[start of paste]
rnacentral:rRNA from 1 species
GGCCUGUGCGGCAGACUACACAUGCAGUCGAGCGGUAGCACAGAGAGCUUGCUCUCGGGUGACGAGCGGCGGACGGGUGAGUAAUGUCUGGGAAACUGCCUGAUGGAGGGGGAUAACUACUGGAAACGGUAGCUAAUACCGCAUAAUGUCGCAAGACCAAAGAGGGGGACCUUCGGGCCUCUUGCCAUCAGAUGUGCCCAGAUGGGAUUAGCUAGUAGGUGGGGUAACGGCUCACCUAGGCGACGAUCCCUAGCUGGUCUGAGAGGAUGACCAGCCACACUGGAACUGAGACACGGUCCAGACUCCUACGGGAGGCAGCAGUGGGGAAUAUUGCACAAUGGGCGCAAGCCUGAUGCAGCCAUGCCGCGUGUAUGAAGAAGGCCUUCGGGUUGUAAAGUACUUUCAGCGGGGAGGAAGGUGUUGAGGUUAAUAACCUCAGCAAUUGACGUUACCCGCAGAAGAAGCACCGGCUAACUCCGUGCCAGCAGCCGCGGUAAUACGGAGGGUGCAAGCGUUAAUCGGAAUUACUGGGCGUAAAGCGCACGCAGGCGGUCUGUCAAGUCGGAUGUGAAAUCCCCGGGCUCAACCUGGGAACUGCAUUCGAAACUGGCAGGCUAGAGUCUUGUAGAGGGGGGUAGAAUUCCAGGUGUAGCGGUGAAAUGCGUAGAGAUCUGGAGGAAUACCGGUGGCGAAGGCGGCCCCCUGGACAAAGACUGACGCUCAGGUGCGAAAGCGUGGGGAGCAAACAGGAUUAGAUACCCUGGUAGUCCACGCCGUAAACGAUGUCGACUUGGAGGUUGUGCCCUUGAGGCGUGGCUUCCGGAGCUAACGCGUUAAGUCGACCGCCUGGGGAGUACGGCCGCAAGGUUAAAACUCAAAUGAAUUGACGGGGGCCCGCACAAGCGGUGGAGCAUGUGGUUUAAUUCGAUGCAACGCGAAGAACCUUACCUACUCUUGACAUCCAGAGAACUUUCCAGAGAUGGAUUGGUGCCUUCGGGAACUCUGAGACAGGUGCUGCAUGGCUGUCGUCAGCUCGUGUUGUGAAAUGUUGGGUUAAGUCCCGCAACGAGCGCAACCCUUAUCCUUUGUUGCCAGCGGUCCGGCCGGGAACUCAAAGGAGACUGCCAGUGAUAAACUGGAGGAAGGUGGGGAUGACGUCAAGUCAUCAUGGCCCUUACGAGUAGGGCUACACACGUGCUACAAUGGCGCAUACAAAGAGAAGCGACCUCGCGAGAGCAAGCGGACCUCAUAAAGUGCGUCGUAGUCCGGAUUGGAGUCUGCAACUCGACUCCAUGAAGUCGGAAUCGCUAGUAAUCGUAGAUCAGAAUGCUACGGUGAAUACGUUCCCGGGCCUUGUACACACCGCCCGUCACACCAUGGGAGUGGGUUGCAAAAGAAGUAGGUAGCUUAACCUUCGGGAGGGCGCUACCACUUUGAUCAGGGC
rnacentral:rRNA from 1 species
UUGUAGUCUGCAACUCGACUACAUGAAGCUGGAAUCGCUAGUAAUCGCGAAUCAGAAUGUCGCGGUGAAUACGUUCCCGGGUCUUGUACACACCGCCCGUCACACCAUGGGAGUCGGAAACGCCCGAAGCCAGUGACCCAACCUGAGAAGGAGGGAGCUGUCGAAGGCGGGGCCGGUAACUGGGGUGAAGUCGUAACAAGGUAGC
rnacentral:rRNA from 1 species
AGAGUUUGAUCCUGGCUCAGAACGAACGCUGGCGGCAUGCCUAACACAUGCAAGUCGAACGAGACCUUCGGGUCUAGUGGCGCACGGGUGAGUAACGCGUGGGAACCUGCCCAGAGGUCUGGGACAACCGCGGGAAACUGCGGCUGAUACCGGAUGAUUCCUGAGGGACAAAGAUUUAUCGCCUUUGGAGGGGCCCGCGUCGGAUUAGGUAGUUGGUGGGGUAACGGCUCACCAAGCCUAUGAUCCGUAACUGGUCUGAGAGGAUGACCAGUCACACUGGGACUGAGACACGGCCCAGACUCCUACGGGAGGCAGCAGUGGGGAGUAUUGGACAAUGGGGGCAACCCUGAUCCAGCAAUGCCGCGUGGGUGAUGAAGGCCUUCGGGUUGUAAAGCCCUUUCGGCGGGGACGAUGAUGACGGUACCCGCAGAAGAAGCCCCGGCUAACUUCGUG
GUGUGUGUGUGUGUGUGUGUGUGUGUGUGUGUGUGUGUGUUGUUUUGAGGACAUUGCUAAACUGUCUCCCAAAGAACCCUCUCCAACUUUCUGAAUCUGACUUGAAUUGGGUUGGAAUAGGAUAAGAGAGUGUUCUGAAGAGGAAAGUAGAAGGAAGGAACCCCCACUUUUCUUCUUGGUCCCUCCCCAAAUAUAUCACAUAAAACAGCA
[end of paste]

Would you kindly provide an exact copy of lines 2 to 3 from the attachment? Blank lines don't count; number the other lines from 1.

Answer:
GGCCUGUGCGGCAGACUACACAUGCAGUCGAGCGGUAGCACAGAGAGCUUGCUCUCGGGUGACGAGCGGCGGACGGGUGAGUAAUGUCUGGGAAACUGCCUGAUGGAGGGGGAUAACUACUGGAAACGGUAGCUAAUACCGCAUAAUGUCGCAAGACCAAAGAGGGGGACCUUCGGGCCUCUUGCCAUCAGAUGUGCCCAGAUGGGAUUAGCUAGUAGGUGGGGUAACGGCUCACCUAGGCGACGAUCCCUAGCUGGUCUGAGAGGAUGACCAGCCACACUGGAACUGAGACACGGUCCAGACUCCUACGGGAGGCAGCAGUGGGGAAUAUUGCACAAUGGGCGCAAGCCUGAUGCAGCCAUGCCGCGUGUAUGAAGAAGGCCUUCGGGUUGUAAAGUACUUUCAGCGGGGAGGAAGGUGUUGAGGUUAAUAACCUCAGCAAUUGACGUUACCCGCAGAAGAAGCACCGGCUAACUCCGUGCCAGCAGCCGCGGUAAUACGGAGGGUGCAAGCGUUAAUCGGAAUUACUGGGCGUAAAGCGCACGCAGGCGGUCUGUCAAGUCGGAUGUGAAAUCCCCGGGCUCAACCUGGGAACUGCAUUCGAAACUGGCAGGCUAGAGUCUUGUAGAGGGGGGUAGAAUUCCAGGUGUAGCGGUGAAAUGCGUAGAGAUCUGGAGGAAUACCGGUGGCGAAGGCGGCCCCCUGGACAAAGACUGACGCUCAGGUGCGAAAGCGUGGGGAGCAAACAGGAUUAGAUACCCUGGUAGUCCACGCCGUAAACGAUGUCGACUUGGAGGUUGUGCCCUUGAGGCGUGGCUUCCGGAGCUAACGCGUUAAGUCGACCGCCUGGGGAGUACGGCCGCAAGGUUAAAACUCAAAUGAAUUGACGGGGGCCCGCACAAGCGGUGGAGCAUGUGGUUUAAUUCGAUGCAACGCGAAGAACCUUACCUACUCUUGACAUCCAGAGAACUUUCCAGAGAUGGAUUGGUGCCUUCGGGAACUCUGAGACAGGUGCUGCAUGGCUGUCGUCAGCUCGUGUUGUGAAAUGUUGGGUUAAGUCCCGCAACGAGCGCAACCCUUAUCCUUUGUUGCCAGCGGUCCGGCCGGGAACUCAAAGGAGACUGCCAGUGAUAAACUGGAGGAAGGUGGGGAUGACGUCAAGUCAUCAUGGCCCUUACGAGUAGGGCUACACACGUGCUACAAUGGCGCAUACAAAGAGAAGCGACCUCGCGAGAGCAAGCGGACCUCAUAAAGUGCGUCGUAGUCCGGAUUGGAGUCUGCAACUCGACUCCAUGAAGUCGGAAUCGCUAGUAAUCGUAGAUCAGAAUGCUACGGUGAAUACGUUCCCGGGCCUUGUACACACCGCCCGUCACACCAUGGGAGUGGGUUGCAAAAGAAGUAGGUAGCUUAACCUUCGGGAGGGCGCUACCACUUUGAUCAGGGC
rnacentral:rRNA from 1 species